Hall adds, "While his points are accurate enough, and reflect what I’ve already written in this article, the terms he uses suggest that the foundation holds the GPL and other copyleft licenses in contempt."

So what's all that got to do with the Software Freedom Law Center filing to have the Software Freedom Conservancy's trademark terminated? Nothing, insist the Linux Foundation and the SFLC. But Bruce Perens -- who founded the Linux Standard Base, one of the organizations that became the Linux Foundation -- thinks it's retaliation for a GPL enforcement lawsuit against VMware.

But that's a story for another post. Or two...

How My Weekend Went

I spent the weekend with a sore throat, so I took it pretty easy. Gargled saltwater, took warm baths, sat around, played Mad Max.

I did manage to make it out to the mall and see Thor: Ragnarok. It was good! While I was out there, I also found out that Barnes and Noble is having a 50% off sale on Criterion Collection movies. I bought a few. I will probably buy more after my next paycheck. The signage said it's going through November 30, though the lady behind the counter said she thinks it might get extended through Christmas.

So as blog posts go, nothing exciting or insightful here. We'll see if I can rustle up something tomorrow.

Podcasts

Expanded from a couple of posts at Brontoforumus, 2017-10-08.


I like listening to NPR on the drive to work.

I do not like listening to NPR on the drive home. I have had just about enough of Kai Ryssdahl acting surprised about the Internet.

So I decided to look into some podcasts. I'm not really looking for scripted stuff at the moment (I've got a buttload of Big Finish Doctor Who I haven't listened to yet as it is); I want something where if I lose the thread for a minute to concentrate on the road, I'm not going to miss out on important story details.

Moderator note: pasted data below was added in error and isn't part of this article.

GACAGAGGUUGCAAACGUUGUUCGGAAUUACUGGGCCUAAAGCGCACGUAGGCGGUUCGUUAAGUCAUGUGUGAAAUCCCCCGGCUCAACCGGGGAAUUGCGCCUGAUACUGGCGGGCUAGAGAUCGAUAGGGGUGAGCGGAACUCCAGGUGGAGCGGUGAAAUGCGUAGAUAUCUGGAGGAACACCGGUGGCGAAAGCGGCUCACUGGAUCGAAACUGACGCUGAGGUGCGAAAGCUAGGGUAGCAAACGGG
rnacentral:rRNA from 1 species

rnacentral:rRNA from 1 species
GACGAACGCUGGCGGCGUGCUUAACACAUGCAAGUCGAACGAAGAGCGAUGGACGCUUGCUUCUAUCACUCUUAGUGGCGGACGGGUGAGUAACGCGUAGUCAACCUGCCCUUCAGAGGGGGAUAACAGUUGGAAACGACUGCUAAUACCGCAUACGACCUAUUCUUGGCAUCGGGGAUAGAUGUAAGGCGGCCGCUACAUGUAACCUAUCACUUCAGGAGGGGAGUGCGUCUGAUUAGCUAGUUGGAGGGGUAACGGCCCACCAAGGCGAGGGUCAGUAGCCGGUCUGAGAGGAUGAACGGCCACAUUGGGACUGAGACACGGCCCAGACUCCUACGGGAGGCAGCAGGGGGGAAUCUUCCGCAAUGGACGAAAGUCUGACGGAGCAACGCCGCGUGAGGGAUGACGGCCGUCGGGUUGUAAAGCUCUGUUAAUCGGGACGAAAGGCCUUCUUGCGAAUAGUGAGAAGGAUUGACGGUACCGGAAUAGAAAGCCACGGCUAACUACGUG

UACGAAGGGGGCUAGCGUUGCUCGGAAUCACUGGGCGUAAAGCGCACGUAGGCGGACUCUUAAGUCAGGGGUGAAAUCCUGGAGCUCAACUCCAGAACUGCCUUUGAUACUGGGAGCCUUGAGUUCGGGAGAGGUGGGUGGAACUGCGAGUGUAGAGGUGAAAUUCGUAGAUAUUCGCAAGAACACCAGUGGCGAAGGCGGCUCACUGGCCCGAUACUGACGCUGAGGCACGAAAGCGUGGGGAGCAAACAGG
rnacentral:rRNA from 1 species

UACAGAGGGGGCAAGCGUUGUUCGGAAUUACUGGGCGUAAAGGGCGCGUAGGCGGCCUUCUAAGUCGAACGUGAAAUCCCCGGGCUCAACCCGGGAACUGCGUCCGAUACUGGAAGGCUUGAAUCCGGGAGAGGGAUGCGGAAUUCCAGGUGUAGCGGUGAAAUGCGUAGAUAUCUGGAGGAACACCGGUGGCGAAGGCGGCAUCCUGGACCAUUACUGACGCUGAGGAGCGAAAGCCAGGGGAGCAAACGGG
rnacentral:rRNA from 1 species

So here's what I've been looking at so far:

Brontoforumus regular Niku recommended Talkin Toons with Rob Paulsen; I listened to the Rick and Morty episode and thoroughly enjoyed it. The website hasn't been updated in a couple of years; it has episodes up through Christmas 2015. It went on hiatus after that (Paulsen had throat cancer; he's better now) and came back in January. Tech Jives has episodes up through May. More recently, the show has moved to Nerdist, which has a bunch of short videos but no episodes; there are some articles referring me to a subscription service called Alpha but it's not mentioned on the website and I really have no idea if the show's even available in audio format anymore? It's really not clear and I hope they fix that.

Retronauts is a podcast started by Jeremy Parish and currently hosted by Bob Mackey, about retro games.

Axe of the Blood God is USgamer's RPG podcast. I've only listened to it a couple of times, when my old friend Steve Tramer was a guest; he hasn't been on it recently, but it's still a good group.

Gilbert Gottfried's Amazing Colossal Podcast is pretty great. So far I've listened to some great interviews there, with Frank Conniff, Rob Paulsen, and Carl Reiner.

And speaking of Frank Conniff, he and Trace Beaulieu have a podcast called Movie Sign with The Mads where, as the name implies, they talk about movies.

I don't listen to a lot of political podcasts at the moment, but I like Larry Wilmore: Black on the Air. Larry's a good interviewer; I'll never understand why he went with a panel format on The Nightly Show, which was easily its weakest component. (It's not an original sentiment, but I do wish he'd gotten to take over The Daily Show and Noah had gotten a chance to do his own thing in Colbert's timeslot.)